Greenway Trails & Sidewalks

Progress Update


April 13, 2020

The City of Ozark is proud to announce it has received a grant in the amount of $870,950.00 from the Ozark Transportation Organization to complete Phase I of the southern portion of the Chadwick Flyer Greenway Trail. View the full press release by clicking HERE

Completed: Sidewalk connecting Neal and Betty Grubaugh Park to Finley River Park


General Overview:

  • Greenways make our communities more livable; improve the economy through tourism and civic improvement; preserve and restore open space; and provide opportunities for physical activity to improve fitness and mental health (
  • Trails and greenways provide countless opportunities for economic renewal and growth. Increased property values and tourism and recreation-related spending on items such as bicycles, in-line skates and lodging are just a few of the ways trails and greenways positively impact community economies (
  • In communities across the country, people do not have access to trails, parks, or other recreation areas close to their homes. Trails and greenways provide a safe, inexpensive avenue for regular exercise for people living in rural, urban and suburban areas
  • Tourism and recreation-related revenues from trails and greenways come in several forms. Trails and greenways create opportunities in construction and maintenance, recreation rentals (such as bicycles, kayaks, and canoes), recreation services (such as shuttle buses and guided tours), historic preservation, restaurants and lodging.


  • Preserve critical open space that provides natural buffer zones to protect rivers, streams, and lakes from run-off caused by fertilizer and pesticide use on yards and farms
  • Trails and greenways help improve air and water quality. For example, communities with trails provide enjoyable and safe options for transportation, which reduces air pollution. By protecting land along rivers and streams, greenways prevent soil erosion and filter pollution caused by agricultural and road runoff.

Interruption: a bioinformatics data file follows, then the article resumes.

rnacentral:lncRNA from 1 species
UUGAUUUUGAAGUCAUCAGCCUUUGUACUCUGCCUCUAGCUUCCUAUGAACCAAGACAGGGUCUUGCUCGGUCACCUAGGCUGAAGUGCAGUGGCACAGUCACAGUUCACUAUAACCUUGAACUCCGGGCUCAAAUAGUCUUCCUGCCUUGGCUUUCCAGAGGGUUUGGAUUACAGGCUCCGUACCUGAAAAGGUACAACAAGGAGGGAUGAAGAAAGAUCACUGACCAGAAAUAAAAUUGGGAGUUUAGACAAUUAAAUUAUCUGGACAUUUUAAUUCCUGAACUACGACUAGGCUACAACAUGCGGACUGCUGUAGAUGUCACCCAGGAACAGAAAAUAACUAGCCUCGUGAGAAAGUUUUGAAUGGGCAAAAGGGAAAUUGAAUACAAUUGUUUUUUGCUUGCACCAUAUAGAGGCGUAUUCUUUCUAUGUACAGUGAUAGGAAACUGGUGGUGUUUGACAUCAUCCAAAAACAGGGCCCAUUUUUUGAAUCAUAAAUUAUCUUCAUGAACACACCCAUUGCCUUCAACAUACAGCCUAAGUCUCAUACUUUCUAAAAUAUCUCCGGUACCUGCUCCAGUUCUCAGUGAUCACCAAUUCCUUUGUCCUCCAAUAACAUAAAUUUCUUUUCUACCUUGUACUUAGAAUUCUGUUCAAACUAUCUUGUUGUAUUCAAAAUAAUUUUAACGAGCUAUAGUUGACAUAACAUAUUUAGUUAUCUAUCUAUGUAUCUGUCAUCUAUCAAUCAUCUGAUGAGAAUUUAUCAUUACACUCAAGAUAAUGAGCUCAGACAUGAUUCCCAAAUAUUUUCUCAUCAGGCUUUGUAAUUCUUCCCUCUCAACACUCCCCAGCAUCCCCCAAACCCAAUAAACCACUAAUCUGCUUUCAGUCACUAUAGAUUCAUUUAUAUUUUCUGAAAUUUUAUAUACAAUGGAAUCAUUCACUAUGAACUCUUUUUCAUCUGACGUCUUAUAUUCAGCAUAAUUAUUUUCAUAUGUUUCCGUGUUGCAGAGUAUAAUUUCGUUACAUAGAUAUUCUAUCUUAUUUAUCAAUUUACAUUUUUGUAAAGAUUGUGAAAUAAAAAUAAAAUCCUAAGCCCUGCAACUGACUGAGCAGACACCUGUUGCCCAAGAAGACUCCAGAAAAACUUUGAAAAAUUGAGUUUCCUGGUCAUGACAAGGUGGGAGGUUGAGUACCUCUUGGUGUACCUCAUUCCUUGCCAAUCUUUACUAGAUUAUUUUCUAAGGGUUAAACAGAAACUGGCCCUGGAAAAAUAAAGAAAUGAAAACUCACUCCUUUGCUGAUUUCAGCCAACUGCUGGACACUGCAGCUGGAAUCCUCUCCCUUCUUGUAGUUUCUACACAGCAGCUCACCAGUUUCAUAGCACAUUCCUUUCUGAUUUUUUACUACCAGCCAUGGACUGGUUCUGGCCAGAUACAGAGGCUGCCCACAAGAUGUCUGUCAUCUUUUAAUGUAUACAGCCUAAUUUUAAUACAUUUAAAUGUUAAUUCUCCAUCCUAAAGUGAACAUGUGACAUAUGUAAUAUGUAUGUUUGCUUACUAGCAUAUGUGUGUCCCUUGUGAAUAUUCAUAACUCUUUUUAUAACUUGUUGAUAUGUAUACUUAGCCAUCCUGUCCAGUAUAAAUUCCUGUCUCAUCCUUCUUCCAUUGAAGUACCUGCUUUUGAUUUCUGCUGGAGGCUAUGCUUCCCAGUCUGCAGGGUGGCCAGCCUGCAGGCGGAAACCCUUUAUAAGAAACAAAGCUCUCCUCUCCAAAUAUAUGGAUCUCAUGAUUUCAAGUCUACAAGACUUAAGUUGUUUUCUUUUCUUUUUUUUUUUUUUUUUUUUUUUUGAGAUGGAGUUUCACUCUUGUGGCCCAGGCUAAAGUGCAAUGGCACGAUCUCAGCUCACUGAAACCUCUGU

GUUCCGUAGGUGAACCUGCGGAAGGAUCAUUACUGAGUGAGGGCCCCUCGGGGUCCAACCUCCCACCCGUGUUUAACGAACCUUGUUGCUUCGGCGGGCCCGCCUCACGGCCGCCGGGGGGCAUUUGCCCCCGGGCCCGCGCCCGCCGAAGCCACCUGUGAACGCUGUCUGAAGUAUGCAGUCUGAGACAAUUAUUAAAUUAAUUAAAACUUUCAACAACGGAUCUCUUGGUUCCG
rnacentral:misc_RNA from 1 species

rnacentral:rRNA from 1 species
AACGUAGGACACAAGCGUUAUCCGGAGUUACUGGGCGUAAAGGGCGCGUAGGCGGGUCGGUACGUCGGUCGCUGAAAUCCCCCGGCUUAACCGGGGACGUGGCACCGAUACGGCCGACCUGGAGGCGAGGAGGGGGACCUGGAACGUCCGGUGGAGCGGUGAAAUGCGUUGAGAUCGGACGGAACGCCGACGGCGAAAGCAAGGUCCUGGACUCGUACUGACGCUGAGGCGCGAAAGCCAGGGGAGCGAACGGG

• Greenways also serve as natural floodplains. According to the Federal Emergency Management Agency, flooding causes over $1 billion in property damages every year. By restoring developed floodplains to their natural state, many riverside communities are preventing potential flood damage.
  • Trails and greenways are hands-on environmental classrooms. People of all ages can see for themselves the precious and intriguing natural world from which they often feel so far removed.
  • Greenways protect important habitat and provide corridors for people and wildlife. The preserved Pinhook Swamp between Florida’s Osceola National Forest and Georgia’s Okefenokee National Wildlife Refuge protects a vital wildlife corridor. This important swampland ecosystem sustains numerous species including the Florida black bear, timber rattlesnake and the Florida sandhill crane.
  • Alternative Transportation
  • Surveys by the Federal Highway Administration show that Americans are willing to walk as far as two miles to a destination and bicycle as far as five miles
  • Offer effective transportation alternatives by connecting homes, workplaces, schools, parks, downtown, and cultural attractions.
  • Helps communities mitigate costs associated with water, air pollution and flood control

Preserving Our History and Culture:

  • Trails and greenways have the power to connect us to our heritage by preserving historic places and by providing access to them.
  • They can give people a sense of place and an understanding of the enormity of past events, such as Native American trails and vast battle-fields.
  • Trails and greenways draw the public to historic sites. The six-mile Bethabara Trail and Greenway in Winston-Salem, North Carolina draws people to the birthplace of the city, the original Moravian Christian village founded in the late 1700s.
  • Other trails preserve transportation corridors. Rail-trails along historic rail corridors provide a glance at the importance of this mode of transportation. Many canal paths, preserved for their historic importance as a transportation route before the advent of railroads, are now used by thousands of people each year for bicycling, running, hiking and strolling.
  • Many historic structures along canal towpaths, such as taverns and locks, have been preserved.

Greenways enhance our lives in many ways by:

  • Providing a recreational amenity for walking, jogging, and bicycling in a natural setting remote from traffic;
  • Preserving pristine open space to enhance quality of life;
  • Linking our neighborhoods with parks, schools, community centers, and other neighborhoods;
  • Helping control stormwater runoff, curb erosion, and minimize flooding which can damage our property;
  • Improving water quality by buffering streams, filtering pollutants, and recharging our groundwater; Adding value to our property by merit of proximity.

Active Transportation Plan

Active Transportation Plan

Ozark Transportation Organization Bicycle & Pedestrian Plan


Click for HERE for larger map

Click HERE for larger map

Hartley Sidewalk completed on July 10, 2017